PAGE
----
¶16 The opinion purports in the third paragraph of the syllabus to follow Bishop v. Benear, 132 Okla. 116, 270 P. 569, but in that case the contest was between the father of the children and the maternal grandparents of the children. The prevailing party in the instant case, sustains no blood relationship to the child.
¶17 The prevailing party here was related to the child by marriage, that is, her husband was the paternal uncle of the child, but her husband died more than three years ago. It is shown by the opinion that she is a woman of excellent character, but the opinion discloses that the child's father is of no less good character, and while she is in some better position financially to take care of the child, the opinion discloses that the father is sufficiently able to care for the child, he being referred to in the opinion as a man of "modest financial means." There is no contention that the father is in any respect an unfit person to have custody of his son, and I think in this case that we should fully recognize his right to that custody.
¶18 It seems to me that each of the cases relied upon in the majority opinion has distinguishing features from the case at bar, as I shall briefly demonstrate. In Bishop v. Benear, above referred to, those contesting against the father were the maternal grandparents of the children and thus bound to the children by the ties of blood relationship; the mother of the children having died, they therefore were the closest maternal relatives of the children. And in addition the record strongly indicates that the home of the father of the children would be an improper place to rear and care for the children. No such relationship or proof appearing in the record in the instant case.
¶19 In Hamann v. Miesner, 148 Okla. 50, 297 P. 252, the contest was likewise between the maternal grandparents of the child and the father of the child, the mother of the child having died, and the child's father having subsequently married a much younger wife. It was observed in that opinion that it was not shown that the father's present wife would welcome the child into their home, nor that the father "intended to take the child into his home or what he expected to do with it if given its custody." Those items of consideration were not present in the instant case.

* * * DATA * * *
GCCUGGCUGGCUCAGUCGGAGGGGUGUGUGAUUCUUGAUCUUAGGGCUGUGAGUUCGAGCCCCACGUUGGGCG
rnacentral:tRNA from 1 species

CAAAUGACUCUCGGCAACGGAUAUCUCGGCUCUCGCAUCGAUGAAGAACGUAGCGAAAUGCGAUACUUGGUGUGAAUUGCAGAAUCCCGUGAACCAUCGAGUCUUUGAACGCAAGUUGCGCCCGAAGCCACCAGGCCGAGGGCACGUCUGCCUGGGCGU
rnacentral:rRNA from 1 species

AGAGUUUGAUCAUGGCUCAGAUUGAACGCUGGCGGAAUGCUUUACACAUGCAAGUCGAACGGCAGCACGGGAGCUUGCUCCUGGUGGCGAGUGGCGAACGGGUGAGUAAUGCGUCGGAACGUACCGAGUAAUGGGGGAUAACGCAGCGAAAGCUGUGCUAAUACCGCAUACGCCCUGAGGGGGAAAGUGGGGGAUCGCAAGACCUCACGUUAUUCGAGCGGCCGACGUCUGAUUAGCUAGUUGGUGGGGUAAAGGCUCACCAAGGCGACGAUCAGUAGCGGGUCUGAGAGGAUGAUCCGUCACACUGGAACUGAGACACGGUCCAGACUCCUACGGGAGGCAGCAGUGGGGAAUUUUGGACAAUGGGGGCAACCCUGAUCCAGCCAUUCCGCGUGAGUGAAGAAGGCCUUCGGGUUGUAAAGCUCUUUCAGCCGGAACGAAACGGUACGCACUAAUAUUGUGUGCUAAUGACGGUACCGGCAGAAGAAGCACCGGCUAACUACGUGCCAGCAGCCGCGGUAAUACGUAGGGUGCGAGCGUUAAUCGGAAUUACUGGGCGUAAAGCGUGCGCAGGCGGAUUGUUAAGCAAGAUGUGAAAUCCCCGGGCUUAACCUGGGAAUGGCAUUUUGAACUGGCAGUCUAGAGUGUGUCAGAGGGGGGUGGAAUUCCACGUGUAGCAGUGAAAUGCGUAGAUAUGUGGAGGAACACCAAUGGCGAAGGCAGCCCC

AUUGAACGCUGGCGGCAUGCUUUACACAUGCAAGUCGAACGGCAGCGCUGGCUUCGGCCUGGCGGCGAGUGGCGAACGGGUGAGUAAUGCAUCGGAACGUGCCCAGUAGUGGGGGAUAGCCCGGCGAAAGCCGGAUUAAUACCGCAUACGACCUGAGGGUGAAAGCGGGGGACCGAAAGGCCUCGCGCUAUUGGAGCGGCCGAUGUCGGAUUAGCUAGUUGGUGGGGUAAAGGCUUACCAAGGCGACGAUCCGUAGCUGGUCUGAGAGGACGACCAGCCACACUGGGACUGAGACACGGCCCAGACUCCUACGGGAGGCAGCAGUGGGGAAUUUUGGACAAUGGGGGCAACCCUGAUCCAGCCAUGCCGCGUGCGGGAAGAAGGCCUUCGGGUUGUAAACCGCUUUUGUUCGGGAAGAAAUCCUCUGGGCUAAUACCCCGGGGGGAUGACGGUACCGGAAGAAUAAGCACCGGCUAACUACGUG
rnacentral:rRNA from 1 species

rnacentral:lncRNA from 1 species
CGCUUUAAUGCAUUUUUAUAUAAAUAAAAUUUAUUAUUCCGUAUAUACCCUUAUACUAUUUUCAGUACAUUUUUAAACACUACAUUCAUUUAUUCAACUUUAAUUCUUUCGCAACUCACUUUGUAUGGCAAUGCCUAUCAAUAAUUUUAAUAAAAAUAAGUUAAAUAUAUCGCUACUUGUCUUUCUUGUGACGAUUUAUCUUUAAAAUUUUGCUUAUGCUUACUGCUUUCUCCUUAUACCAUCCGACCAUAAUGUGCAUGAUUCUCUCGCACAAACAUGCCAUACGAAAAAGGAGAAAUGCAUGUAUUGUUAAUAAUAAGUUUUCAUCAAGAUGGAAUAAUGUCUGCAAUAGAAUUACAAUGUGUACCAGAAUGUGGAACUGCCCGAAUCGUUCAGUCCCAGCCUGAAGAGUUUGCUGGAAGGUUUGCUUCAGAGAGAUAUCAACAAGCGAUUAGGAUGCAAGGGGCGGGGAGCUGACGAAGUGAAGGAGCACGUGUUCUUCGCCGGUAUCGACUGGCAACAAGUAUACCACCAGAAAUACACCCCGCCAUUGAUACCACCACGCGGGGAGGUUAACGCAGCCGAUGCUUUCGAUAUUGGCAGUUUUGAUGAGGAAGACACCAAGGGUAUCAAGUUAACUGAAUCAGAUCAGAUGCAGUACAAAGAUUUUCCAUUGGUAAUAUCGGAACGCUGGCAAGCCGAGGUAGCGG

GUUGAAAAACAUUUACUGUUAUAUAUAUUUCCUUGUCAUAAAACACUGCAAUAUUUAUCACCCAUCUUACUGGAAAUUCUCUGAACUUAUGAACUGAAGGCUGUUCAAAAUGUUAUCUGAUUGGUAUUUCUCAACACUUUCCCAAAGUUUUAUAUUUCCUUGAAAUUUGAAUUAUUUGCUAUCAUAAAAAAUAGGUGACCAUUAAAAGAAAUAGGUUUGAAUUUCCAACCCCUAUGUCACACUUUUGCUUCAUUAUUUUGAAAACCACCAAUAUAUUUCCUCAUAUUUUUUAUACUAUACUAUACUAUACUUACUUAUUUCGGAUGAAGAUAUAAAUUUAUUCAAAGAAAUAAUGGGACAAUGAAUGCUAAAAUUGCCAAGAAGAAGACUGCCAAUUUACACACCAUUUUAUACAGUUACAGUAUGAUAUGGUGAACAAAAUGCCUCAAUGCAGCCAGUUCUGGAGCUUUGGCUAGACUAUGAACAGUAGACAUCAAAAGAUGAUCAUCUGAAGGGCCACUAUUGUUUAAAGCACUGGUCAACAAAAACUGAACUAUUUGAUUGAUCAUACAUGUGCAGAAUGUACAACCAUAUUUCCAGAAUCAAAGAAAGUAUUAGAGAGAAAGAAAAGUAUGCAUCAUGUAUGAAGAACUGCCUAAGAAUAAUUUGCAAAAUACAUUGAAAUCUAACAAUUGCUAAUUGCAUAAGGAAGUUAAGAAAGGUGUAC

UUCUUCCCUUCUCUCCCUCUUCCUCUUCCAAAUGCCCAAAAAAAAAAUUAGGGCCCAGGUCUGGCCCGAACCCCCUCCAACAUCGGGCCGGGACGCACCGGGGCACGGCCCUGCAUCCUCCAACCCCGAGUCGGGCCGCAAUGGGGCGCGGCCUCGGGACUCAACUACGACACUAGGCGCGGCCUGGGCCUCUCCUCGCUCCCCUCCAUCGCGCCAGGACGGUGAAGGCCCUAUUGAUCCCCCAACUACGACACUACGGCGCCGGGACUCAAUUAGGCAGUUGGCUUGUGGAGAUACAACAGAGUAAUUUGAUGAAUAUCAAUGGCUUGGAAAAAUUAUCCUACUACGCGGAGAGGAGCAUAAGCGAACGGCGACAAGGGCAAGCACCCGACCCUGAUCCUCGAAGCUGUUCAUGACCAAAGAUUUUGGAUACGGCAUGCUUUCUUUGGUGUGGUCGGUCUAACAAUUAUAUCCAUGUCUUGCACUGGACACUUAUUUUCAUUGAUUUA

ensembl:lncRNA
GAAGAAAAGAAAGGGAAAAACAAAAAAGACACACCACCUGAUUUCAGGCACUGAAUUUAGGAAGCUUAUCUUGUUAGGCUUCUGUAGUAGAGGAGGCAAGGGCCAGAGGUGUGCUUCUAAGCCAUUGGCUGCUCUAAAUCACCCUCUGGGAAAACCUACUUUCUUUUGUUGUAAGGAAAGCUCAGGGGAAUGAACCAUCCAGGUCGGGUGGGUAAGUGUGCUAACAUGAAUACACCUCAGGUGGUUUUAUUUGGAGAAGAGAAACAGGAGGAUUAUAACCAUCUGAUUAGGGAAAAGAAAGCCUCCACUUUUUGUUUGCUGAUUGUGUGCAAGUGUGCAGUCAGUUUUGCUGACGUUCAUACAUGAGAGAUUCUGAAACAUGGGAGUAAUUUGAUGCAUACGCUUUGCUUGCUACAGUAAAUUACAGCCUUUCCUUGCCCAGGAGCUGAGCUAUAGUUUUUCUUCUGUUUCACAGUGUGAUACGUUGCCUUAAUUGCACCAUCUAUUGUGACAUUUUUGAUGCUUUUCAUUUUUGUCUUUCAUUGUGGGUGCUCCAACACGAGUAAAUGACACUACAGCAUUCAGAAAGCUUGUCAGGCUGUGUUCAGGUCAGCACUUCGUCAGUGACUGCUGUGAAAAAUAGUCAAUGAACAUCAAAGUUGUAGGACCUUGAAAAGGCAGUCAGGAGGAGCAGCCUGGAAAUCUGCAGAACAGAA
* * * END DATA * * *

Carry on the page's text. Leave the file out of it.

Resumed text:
¶20 In Morris v. Morris, 81 Okla. 222, 198 P. 70, the contest was likewise between the maternal grandparents of the child and the father of the child. In paragraph 3 of the syllabus it was held:
"The decree awarding the custody of a child to her mother's parents, who were adjudged to be fit persons, rather than to her father, who was adjudged to be an unfit person, having been made nearly four years ago, the child being then only four years of age, will not be reversed now and custody awarded to the father, this court being without knowledge as to what changes have since taken place, and having no knowledge as to what conditions exist at this time.
¶21 Thus indicating that there had been a determination of the unfitness of the father to have the custody. There is no such determination or contention in the instant case.
¶22 In Richards v. Christy, 150 Okla. 221, 1 P. (2d) 168, the contest was likewise between the maternal grandparents of the child and the father of the child (the mother of the child having died). It was observed in the opinion that the father of the child desired to take the child from her maternal grandparents and place her in the home of his brother and his sister-inlaw, who had two young children of their own. The court conluded in favor of the maternal grandparents, and these facts distinguish that case from the case at bar.
¶23 In Ex parte Lebsack, 168 Okla. 299, 32 P. (2d) 923, the contest was likewise between the father of the child and the maternal grandparents of the child (the mother of the child having died). In that case the trial court specifically found that the father "is not a fit and proper person to have the care, custody, and control of said minor child, Merle Lebsack." There is no such blood relationship, nor any such finding or contention of unfitness of the father, in the instant case.